Netflix co-CEO and chief content officer Ted Sarandos spoke at length about the company’s movie plans during a question-and-answer session with analysts days ago, following the streaming giant’s third-quarter earnings presentation on October 18. His remarks came in the wake of constant press scrutiny over the disastrous reviews that some Netflix movies get, and the unique theatrical releases that the company arranges for others.
Among the highlights of Sarandos’ comments: Don’t expect much of a shift for the foreseeable future in terms of how Netflix movies are released, nor the big bucks that the company shells out for them.
“Film is incredibly important to our members,” Netflix’s third-quarter shareholder letter adds. “We expanded into original film in 2016 because producing our own movies across all budgets and genres has advantages over the next best alternative: Only licensing from other studios in the first pay TV window (the “pay-one” window).”
Top Netflix movies
For a current snapshot of how Netflix’s movie strategy is continuing to fare at the moment, beyond comments like those, we can also turn to the company’s latest Top 10 data. It shows, among other things, which movies (Netflix’s or not) are currently among the most popular on the service.
The two Netflix films listed below — The School for Good and Evil and The Stranger — are both pretty recent additions to the streaming giant’s library. Moreover, they’re both currently ranked as the number one and two movies, respectively, on Netflix in the US (as of Monday, October 24). We’ve included details about each Netflix movie, along with their current Rotten Tomatoes scores, below.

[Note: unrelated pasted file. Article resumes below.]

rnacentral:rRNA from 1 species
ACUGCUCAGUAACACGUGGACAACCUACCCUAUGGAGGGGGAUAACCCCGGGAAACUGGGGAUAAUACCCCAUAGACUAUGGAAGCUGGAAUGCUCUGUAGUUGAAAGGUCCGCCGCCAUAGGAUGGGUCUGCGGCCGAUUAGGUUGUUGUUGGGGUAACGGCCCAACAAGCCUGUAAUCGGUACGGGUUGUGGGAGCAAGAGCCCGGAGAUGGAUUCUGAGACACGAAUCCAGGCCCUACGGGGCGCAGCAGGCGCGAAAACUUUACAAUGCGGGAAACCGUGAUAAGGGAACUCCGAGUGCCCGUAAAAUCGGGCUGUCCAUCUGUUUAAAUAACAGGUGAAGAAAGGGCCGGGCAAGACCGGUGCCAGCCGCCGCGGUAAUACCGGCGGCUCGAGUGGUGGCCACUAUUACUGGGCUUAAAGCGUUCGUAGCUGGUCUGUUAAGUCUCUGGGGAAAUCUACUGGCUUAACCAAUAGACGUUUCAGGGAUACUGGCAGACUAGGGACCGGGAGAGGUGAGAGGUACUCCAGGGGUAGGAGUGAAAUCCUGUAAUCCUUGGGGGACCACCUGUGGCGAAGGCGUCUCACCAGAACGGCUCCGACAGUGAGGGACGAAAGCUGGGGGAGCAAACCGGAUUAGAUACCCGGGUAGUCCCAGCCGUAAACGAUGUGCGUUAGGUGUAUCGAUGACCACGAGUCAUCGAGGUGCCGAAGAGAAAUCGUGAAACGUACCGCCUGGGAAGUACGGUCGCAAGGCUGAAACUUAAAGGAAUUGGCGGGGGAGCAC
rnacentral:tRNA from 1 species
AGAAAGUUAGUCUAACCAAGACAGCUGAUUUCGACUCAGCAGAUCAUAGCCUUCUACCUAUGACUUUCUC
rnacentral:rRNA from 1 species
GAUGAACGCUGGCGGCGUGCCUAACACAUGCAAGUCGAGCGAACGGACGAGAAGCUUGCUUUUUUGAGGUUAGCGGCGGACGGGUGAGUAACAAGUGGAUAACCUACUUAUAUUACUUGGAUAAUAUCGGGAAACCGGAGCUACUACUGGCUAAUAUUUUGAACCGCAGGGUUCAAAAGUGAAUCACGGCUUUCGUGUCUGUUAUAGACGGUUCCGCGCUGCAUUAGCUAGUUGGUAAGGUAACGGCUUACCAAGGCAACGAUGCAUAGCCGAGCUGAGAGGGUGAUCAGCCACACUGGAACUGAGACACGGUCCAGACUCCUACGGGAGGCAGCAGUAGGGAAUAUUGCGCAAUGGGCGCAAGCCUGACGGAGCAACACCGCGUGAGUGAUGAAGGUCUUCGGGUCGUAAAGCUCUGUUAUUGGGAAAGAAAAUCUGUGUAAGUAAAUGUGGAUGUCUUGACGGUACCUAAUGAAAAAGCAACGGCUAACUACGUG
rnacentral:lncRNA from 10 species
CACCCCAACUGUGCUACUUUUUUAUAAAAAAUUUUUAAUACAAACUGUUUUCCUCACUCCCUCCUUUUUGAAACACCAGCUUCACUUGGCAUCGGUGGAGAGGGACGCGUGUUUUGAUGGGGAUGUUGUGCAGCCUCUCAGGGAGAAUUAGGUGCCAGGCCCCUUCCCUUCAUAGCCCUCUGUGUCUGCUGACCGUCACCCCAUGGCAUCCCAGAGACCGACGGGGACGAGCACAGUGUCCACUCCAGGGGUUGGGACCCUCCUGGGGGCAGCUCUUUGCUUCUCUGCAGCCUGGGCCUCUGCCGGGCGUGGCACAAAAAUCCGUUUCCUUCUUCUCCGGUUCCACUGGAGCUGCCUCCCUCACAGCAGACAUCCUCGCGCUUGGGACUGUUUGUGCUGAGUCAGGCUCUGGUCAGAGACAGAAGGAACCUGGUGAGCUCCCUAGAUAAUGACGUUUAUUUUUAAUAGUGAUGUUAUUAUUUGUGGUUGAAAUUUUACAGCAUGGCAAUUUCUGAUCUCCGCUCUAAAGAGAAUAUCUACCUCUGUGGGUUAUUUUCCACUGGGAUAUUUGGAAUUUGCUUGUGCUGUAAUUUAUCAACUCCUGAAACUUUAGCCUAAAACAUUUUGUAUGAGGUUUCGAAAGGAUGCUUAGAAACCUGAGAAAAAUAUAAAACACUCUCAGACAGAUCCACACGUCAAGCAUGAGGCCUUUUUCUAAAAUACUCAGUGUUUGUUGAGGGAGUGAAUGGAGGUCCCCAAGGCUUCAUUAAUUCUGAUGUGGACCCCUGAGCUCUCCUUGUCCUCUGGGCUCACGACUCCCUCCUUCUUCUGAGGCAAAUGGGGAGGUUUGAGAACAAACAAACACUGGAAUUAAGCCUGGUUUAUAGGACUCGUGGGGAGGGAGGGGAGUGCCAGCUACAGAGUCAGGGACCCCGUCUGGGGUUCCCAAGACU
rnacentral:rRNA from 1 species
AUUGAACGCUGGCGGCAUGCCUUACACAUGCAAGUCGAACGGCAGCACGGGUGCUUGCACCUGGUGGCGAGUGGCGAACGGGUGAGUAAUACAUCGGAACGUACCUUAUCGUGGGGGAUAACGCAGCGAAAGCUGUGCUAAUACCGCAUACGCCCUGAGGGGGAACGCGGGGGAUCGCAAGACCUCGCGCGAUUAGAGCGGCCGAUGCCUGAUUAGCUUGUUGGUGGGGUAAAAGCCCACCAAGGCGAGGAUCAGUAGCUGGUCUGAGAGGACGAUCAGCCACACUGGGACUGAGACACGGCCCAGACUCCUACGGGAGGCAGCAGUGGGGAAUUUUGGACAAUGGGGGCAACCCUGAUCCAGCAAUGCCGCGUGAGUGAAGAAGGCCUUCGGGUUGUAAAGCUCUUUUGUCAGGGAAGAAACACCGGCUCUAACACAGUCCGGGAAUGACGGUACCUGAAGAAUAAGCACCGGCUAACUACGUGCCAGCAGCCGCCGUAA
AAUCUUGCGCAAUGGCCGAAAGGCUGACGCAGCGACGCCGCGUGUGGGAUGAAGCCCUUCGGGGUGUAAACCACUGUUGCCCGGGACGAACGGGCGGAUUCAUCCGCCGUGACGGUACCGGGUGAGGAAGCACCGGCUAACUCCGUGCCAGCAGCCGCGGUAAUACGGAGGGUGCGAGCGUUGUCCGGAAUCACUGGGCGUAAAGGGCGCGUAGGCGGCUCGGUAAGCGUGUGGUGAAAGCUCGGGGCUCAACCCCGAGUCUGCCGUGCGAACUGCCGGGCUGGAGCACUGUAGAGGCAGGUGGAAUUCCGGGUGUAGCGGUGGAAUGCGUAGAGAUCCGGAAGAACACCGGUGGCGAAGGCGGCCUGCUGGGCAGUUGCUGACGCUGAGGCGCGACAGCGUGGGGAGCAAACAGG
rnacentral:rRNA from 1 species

#1: The School for Good and Evil
Rotten Tomatoes: 36% critics’ score, 70% audience score
According to Netflix’s logline for The School for Good and Evil (based on the internationally best-selling series of books by Soman Chainani), best friends Sophie and Agatha find themselves on opposing sides of a modern fairy tale when they go off to an enchanted school that trains young heroes and villains to protect the balance of good and evil.
Directed by Paul Feig, the cast here includes Sophia Anne Caruso, Sofia Wylie, Laurence Fishburne, Michelle Yeoh, Rob Delaney, Patti LuPone, Rachel Bloom, Kerry Washington, and Charlize Theron.
“In the village of Gavaldon,” the Netflix summary explains, “two misfits and best friends, Sophie (Sophia Anne Caruso) and Agatha (Sofia Wylie), share the unlikeliest of bonds.
“Sophie, a golden-haired seamstress, dreams of escaping her dreary life to become a princess, while Agatha, with her grim aesthetic and offbeat mother, has the makings of a real witch. One night under a blood-red moon, a powerful force sweeps them away to the School for Good and Evil — where the true stories behind every great fairy tale begin.”
Sophie gets sorted into the “School for Evil,” run by the villain-like Lady Lesso (Theron), while Agatha winds up in the School for Good, led by the kind Professor Dovey (Washington).
#2: The Stranger
Rotten Tomatoes: 93% critics’ score, 63% audience score
Another of the biggest Netflix movies available to stream right now is The Stranger, starring Joel Edgerton and Sean Harris and produced by See-Saw Films, Anonymous Content, and Blue Tongue Films.
The movie is built around two strangers who strike up a conversation on a long journey. One of them is a suspect in an unsolved missing person case — while, fittingly, the other is the undercover operative on that very suspect’s trailer. The two men form an uneasy acquaintance in this tightly wound thriller, which also happens to be based on the true story of one of the largest undercover investigations in Australian history.
“I centered the film on people who didn’t know the victim, but who devoted years of their lives — and their mental and physical health — to them; because though violence is the reason for this film, it is not its subject,” writer/director Thomas M. Wright said in an interview included with Netflix’s press material for the movie. “Its subject is the connections between people. That means that, for me, this is a film defined by empathy.
“The ‘Stranger’ of the title could stand for the person responsible for this crime, the victim, those affected by their loss, or the central character in the film — whose name we never learn; or it could stand for the nameless individuals who, in the end, resolve the film.”
More Netflix news: Netflix Top 10: The most-watched shows in the world right now